Find out more about the labour market

Excellent human resources, a central location and a stable political and economic environment are the main reasons that foreign investors frequently choose the Czech Republic as the country in which to implement their investments. The volume of investments requiring well-educated workers is increasing, even despite the pandemic.

Whether this concerns R&D centres, ICT companies, business services centres and manufacturing enterprises, the Czech Republic has an indisputable advantages thanks to its central location, advanced infrastructure, high quality of university education, excellent quality
of life and high level of safety. The good news for investors considering locating their business activities in Central Europe is the fact that the Czech Republic and other countries here demonstrate long-term political and legislative stability, which is why this part of the world is slowly becoming a synonym for nearshoring.

Human resources

Human resources are the key aspect of every successful business project. Labour costs are not the only issue to be addressed; access to workers and, in the case of investments based on intellectual activities, the educational level, language skills and so-called soft skills of potential employees are also important. It is apparent that Czechs possess these skills and traits in abundance, as they are very adaptable and compatible with a number of cultures.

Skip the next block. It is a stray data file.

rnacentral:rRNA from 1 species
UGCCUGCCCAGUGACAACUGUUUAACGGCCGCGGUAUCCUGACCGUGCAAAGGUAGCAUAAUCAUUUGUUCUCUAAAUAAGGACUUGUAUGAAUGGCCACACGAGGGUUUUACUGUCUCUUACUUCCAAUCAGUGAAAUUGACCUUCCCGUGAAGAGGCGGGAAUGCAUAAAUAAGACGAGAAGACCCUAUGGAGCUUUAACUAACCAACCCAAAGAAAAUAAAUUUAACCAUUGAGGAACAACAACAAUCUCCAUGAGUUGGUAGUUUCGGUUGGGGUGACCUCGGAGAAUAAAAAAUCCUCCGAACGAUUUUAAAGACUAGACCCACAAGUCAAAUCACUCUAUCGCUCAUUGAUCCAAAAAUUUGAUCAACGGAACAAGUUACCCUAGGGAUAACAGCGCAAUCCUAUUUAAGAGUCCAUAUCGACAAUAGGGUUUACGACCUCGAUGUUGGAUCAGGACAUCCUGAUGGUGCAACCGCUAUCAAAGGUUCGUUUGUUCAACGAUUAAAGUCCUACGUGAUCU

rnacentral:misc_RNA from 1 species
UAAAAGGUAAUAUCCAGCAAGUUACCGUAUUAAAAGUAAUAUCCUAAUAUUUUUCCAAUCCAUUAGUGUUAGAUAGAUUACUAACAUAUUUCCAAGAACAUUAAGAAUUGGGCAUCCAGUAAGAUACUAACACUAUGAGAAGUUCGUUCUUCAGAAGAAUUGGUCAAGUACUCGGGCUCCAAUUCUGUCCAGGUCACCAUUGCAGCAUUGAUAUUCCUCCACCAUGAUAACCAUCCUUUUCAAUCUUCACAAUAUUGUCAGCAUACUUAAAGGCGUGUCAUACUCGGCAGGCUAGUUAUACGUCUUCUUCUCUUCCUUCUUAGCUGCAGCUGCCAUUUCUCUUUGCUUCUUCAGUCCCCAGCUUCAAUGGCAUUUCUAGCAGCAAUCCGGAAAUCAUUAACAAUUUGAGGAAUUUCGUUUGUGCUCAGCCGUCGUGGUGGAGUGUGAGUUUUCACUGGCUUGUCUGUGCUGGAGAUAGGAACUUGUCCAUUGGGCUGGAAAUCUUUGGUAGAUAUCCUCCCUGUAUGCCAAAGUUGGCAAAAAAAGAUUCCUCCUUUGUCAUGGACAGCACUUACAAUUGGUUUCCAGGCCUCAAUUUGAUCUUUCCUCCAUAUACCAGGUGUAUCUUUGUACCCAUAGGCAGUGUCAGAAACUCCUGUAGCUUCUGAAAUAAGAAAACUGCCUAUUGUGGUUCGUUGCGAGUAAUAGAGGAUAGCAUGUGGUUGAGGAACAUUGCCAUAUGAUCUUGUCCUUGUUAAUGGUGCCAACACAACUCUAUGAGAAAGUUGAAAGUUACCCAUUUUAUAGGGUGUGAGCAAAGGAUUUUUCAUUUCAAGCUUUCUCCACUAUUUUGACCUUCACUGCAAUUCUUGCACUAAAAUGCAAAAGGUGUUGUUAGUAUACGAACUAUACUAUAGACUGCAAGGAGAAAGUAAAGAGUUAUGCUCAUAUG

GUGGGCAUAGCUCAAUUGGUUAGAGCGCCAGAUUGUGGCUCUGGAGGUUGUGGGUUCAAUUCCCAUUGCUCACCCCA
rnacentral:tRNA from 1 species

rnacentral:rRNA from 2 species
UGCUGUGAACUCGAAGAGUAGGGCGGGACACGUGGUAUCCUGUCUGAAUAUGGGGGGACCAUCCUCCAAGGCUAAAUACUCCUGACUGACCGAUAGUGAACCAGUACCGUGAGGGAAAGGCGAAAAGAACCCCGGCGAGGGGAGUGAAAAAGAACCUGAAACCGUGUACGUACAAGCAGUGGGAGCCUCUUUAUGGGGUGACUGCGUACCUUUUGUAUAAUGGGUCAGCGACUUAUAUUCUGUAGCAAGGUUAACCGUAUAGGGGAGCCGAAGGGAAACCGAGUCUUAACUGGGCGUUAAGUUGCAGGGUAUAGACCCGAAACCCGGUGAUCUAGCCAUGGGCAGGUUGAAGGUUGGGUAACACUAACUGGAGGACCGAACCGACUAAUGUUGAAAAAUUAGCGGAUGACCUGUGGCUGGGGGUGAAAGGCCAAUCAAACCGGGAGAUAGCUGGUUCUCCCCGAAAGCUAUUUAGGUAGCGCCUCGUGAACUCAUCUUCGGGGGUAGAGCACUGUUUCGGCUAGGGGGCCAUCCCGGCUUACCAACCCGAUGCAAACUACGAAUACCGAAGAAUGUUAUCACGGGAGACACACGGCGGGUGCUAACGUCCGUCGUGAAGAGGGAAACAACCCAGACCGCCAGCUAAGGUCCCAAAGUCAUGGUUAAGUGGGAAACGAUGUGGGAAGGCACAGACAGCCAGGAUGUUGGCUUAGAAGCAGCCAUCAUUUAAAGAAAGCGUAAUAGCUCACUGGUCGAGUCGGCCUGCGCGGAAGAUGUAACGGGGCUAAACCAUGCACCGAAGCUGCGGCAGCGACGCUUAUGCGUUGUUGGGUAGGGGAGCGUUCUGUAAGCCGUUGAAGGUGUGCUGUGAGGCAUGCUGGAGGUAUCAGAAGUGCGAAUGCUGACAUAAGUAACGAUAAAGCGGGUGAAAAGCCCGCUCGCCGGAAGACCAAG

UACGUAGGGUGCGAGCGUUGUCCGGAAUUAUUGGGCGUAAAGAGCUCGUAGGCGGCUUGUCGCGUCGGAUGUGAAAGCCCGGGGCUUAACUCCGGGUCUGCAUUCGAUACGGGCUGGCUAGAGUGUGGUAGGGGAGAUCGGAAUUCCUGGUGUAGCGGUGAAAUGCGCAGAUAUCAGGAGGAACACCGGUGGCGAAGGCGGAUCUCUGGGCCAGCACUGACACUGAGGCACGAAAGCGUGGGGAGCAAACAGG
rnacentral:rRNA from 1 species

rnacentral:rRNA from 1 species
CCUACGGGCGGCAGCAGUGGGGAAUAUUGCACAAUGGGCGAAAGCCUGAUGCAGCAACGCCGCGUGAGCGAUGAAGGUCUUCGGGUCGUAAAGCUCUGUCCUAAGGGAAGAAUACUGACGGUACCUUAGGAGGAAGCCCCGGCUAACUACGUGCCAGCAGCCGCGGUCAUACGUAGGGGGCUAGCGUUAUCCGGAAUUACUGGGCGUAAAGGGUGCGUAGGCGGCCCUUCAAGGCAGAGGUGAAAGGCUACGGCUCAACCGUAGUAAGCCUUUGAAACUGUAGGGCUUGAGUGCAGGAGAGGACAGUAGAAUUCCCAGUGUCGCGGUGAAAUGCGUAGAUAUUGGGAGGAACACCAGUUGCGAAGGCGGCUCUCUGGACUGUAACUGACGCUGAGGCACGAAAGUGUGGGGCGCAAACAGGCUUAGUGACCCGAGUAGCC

Labour market

The pandemic strongly affected the labour market, especially in traditional Czech export industries such as the automotive, engineering and electrical-engineering sectors. In contrast, however, certain market segments, notably e-commerce, logistics, IT, business services, the pharmaceutical industry and nanotechnology, are booming.

In 2021, tensions and insecurity caused by the pandemic persisted in society, and due to the outflow of many foreign workers, labour shortages intensified. The Czech republic´s unemployment is still at its lowest level in the EU, which poses a challenge for all employers in the local labour market. In addition to the lack of skilled workers, many companies are also hampered by missing resources or components. Across industries and regions, there has been a slight increase in salaries, which offsets the stagnation of last year. In some companies, financial and non-financial benefits, which were reduced or suspended in the past pandemic year, are also returning to their original level. The shortage of qualified people on the labour market is seen by applicants, who can choose from multiple offers and, in a way, determine their own salaries. In addition to financial remuneration, benefits are also important to them when deciding on a future employer. Regardless of the field or age, Czech employees prefer the most benefits that include a contribution to the family budget or more time off. In the effort to attract new jobseekers, many employers have introduced additional incentives and recruitment contributions.

The most desired benefits

White collar


Blue collar


Flexible working hours Bonuses
5 or more weeks of vacation Bonuses 5 or more weeks of vacation
Flexible working hours 5 or more weeks of vacation Company meal vouchers or daily meals
Annual salary increase Possibility to work from home Christmas bonuses (other than performance based)
Health leave Annual salary increase 13th/14th salary
Source: Grafton Recruitment, 2021


Martin Malo
Managing Director
Grafton Recruitment & Gi Group